Ready Player One (2018)
Starring: Tye Sheridan, Olivia Cooke, Ben Mendelsohn, Lena Waithe, T.J. Miller, Simon Pegg, Mark Rylance, Philip Zhao, Win Morisaki
Directed by: Steven Spielberg
Written by: Zak Penn, Ernest Cline
Rating: PG-13 Running Time: 2 hr 20 min.
My 2 Cents:
On this trip to the movies I was joined by my friend, John. We had both read and loved Ernest Cline’s book, Ready player One, and were looking forward to seeing how Spielberg and company adapted it into a film.
Okay, it’s not as good as the book. It probably wasn’t ever going to be, but it’s also not a complete waste of time either. It was certainly very entertaining to watch. Ready Player One the movie is a fun action adventure that’ll keep Easter egg hunting pop culture geeks busy for months. It’s loaded with TV, music, movie, and video game references!
A few of of the book’s darker edges are cut out, and the games, integral to the plot, are replaced by something more film friendly. Most of the breaks from the original book made sense to me, but they also came at a cost (more on that later). As adaptations go, however, considering this was co-written by Ernest Cline and directed by Steven Spielberg, I’m thinking this was perhaps the best translation of the source material we were going to get.
Where the book goes into a lot of detail during the world building first act, the movie gives us the abbreviated version. What characters mean to each other, and how they feel about their virtual world (The Oasis) is skimmed over. The economics of the Oasis and how it works in the film’s dystopian future, is also mostly ignored.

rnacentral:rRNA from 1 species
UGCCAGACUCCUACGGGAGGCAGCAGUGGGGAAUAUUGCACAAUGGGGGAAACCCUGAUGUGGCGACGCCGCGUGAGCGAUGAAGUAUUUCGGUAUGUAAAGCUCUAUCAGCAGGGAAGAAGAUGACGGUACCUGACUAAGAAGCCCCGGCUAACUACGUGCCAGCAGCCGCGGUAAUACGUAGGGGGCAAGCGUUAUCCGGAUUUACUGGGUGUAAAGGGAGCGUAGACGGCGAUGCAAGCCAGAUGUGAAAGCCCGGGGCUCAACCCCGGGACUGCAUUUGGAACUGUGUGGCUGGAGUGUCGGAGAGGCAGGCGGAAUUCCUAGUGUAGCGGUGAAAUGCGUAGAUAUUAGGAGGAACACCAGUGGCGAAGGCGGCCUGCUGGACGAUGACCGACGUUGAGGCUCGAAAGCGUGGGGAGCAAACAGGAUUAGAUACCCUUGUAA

The cost of all this rushed groundwork, is a lot of blink-and-you’ll-miss-them details. Details you might not recall when they become important later in the film. The adaptation gives the audience very little reason to care about what’s going on. The characters themselves barely stand out from the CGI wizardry around them. More attention to the details for folks that haven’t read the book would have given Ready Player One more connective tissue as the story developed. This could be very confusing for newbies.
Given the rushed character development and world building, the cast do okay with the material they’ve been given. There are no standout characters or performances here. Ready Player One ultimately is more a film about pop culture references, than a love story or simple good vs. evil paradigm. It doesn’t even work as a commentary on our relationship with online worlds. If you love the 80’s (I do) you should enjoy this regardless of whether you had read the book or not. If pop culture references don’t interest you and you haven’t read the source material. I think you’ll struggle to find any value in the movie. Personally, I found the differences with the book fascinating. I also loved that the movie had plenty of its own surprises.